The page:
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Maneki-Neko, Japanese beckoning cats, are to be found in the shop windows of stores and restaurants in countless streets of any of Japan's major cities. If you take a look into the windows of noodle shops, eateries of all types, and stores, you will find the Maneki-Neko grinning somewhat impudently at you from the counter and inviting you into savor the produce of the establishment.


In business circles,the Maneki-Neko are believed to bring success-her raised paw is said to beckon in customers and welcome in personal happiness and harmony. A Black cat brings health,while a gold one, which is quite rare, is said to bring in riches.

Beckoning cats are often sold as money boxes and if kept at home they are supposed to beckon in good friends. They are part of an ancient tradition and are considered to be the incarnation of the Goddess of Mercy. In Japan cats are greatly admired for their good manners as well as for their independent nature.

The Maneki-Neko you see in the shop windows are made from a variety of materials : some are made from porcelain,others are constructed from papier mache, while inflatable plastic is often used to make the larger ones. They come in various sizes and colors and are even used by cocoon breeders to protect the silkworms against rats. Sometimes they are tied around a child's waist to protect them against pain or sickness.

There are a number of legends concerning the Japanese Beckoning Cats but there is some agreement that their origins go back at least three or four centuries to the Tokugawa and possibly the Oda Nobunaga dynasties.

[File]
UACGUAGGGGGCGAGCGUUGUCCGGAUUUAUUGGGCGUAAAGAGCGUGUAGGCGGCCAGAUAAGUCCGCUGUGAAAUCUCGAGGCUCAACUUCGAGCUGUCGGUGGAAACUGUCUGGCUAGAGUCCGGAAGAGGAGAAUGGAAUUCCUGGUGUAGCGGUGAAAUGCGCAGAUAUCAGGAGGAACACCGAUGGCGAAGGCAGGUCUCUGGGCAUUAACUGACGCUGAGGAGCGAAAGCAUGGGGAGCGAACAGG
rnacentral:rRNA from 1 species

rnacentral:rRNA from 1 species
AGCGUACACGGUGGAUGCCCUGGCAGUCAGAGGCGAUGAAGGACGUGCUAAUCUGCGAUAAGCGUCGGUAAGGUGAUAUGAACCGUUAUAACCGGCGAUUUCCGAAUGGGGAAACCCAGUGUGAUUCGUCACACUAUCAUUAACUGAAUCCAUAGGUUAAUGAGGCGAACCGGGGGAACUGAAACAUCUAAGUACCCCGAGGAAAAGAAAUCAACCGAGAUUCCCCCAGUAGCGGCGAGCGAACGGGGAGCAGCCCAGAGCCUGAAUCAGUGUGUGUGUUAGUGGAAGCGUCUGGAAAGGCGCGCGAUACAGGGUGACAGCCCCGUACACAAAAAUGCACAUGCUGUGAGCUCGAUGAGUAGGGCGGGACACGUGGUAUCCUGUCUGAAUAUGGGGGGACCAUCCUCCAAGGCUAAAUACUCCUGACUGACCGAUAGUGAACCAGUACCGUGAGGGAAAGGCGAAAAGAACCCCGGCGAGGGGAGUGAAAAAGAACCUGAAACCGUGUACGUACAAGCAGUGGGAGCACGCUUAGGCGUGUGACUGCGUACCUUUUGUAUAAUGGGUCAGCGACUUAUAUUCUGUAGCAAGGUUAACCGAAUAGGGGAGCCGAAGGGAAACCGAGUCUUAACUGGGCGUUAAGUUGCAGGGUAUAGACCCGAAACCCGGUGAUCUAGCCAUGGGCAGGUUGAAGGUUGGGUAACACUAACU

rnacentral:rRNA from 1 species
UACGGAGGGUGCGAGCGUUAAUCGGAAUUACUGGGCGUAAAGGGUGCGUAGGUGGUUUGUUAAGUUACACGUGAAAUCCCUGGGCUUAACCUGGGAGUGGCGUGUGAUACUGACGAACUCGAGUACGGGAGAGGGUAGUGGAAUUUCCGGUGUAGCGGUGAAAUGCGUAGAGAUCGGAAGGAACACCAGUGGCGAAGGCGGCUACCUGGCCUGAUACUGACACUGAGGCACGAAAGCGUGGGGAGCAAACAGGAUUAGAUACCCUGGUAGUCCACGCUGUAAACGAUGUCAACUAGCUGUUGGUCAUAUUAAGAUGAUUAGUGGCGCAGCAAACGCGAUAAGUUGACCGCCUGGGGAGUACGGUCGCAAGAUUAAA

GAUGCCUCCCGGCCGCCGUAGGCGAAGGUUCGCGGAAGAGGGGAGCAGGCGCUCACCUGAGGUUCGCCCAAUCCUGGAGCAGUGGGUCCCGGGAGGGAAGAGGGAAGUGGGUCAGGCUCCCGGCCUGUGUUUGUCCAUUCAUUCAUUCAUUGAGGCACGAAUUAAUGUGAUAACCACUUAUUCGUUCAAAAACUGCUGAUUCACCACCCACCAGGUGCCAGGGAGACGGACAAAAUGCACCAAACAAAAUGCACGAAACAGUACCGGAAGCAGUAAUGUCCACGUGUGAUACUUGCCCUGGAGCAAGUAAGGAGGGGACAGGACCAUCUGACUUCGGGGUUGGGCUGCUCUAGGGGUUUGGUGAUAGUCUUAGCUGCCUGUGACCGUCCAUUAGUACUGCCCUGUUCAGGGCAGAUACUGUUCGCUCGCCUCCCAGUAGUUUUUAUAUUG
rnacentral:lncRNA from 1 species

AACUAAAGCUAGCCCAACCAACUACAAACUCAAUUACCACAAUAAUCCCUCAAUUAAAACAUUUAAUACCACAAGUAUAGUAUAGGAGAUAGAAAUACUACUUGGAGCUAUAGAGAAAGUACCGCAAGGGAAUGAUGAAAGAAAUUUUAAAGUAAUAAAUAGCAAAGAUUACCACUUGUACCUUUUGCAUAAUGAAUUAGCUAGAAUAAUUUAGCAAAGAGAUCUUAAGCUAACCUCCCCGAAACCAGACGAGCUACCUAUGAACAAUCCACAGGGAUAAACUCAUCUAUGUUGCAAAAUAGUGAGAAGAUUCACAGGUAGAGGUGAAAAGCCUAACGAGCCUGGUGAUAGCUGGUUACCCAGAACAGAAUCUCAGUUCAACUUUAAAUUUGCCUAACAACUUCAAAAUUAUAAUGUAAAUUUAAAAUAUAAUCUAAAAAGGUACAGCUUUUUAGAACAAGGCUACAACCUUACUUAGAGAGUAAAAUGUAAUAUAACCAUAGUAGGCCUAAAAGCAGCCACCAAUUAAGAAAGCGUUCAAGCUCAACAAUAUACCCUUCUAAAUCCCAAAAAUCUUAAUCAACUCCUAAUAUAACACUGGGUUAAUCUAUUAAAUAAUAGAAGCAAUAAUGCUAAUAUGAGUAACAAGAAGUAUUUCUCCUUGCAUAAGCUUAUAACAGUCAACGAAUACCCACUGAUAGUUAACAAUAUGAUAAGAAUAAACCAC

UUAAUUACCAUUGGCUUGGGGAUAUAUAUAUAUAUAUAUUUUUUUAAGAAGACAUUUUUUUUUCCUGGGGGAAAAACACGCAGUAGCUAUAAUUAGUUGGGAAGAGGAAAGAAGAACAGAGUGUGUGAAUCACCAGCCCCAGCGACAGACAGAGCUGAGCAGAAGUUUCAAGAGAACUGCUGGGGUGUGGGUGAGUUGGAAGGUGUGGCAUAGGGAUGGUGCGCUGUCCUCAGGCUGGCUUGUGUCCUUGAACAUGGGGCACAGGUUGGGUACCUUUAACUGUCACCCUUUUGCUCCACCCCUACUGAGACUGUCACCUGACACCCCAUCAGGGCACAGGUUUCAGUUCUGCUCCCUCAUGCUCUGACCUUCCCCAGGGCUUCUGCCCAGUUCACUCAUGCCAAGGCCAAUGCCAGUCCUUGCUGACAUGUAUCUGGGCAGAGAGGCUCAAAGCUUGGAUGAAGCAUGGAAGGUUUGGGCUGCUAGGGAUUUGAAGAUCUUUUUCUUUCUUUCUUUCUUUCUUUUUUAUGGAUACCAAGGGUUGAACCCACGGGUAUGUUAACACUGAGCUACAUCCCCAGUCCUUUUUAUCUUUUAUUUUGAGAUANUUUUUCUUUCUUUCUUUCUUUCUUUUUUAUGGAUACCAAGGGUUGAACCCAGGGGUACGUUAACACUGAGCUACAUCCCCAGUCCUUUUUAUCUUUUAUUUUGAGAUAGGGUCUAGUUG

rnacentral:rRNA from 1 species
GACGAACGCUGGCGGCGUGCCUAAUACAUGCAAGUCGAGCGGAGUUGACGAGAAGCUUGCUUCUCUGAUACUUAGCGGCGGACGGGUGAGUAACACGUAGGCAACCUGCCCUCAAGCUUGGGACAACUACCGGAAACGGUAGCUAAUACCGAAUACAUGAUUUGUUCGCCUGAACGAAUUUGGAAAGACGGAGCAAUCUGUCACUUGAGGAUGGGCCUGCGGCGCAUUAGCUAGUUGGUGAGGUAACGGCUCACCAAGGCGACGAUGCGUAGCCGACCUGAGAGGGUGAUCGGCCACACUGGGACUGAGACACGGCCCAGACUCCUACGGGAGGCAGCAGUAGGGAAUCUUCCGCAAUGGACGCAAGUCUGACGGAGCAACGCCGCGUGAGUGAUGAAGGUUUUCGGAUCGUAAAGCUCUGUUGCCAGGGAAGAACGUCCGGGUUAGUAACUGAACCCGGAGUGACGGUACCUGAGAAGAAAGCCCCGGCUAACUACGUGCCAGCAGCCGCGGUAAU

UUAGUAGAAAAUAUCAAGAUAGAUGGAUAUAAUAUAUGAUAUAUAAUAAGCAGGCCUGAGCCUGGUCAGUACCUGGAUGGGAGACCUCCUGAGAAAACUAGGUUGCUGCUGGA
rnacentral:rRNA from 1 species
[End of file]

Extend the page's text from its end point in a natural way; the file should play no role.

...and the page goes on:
Several stories about them relate to temples. There was reported to be a temple so poor the _Goroki-Ji Temple- it only had a single priest and a solitary cat. Times were very hard and ultimately,in absolute desparation,the priest requested the cat to assist in raising money for the temple.

The next day, the priest's cat went away, but a few days later a very wealthy family visited in order to bury their daughter who had recently passed away. The legend has it that the cat had mysteriously entered the soul of the dying girl and persuaded her to make her last wish that she be buried at the temple of the cat. Following the burial the cat returned to the priest, the wealthy family became generous benefactors of the temple, and the temple,the priest and the cat,never wanted for anything again.

The Goruki-Ji Temple now houses dozens of statues of this cat, and owners of sick or lost pets stick-up prayer boards with the image of the Beckoning Cat in this temple. The temple is not only a haven for pets, it even has its own pet cemetary.

The Beckoning Cats of Japan to this day remain a fascinating Japanese artifact with their roots in ancient Japanese culture and links to that most basic of human desires : the acquisition of wealth and prosperity.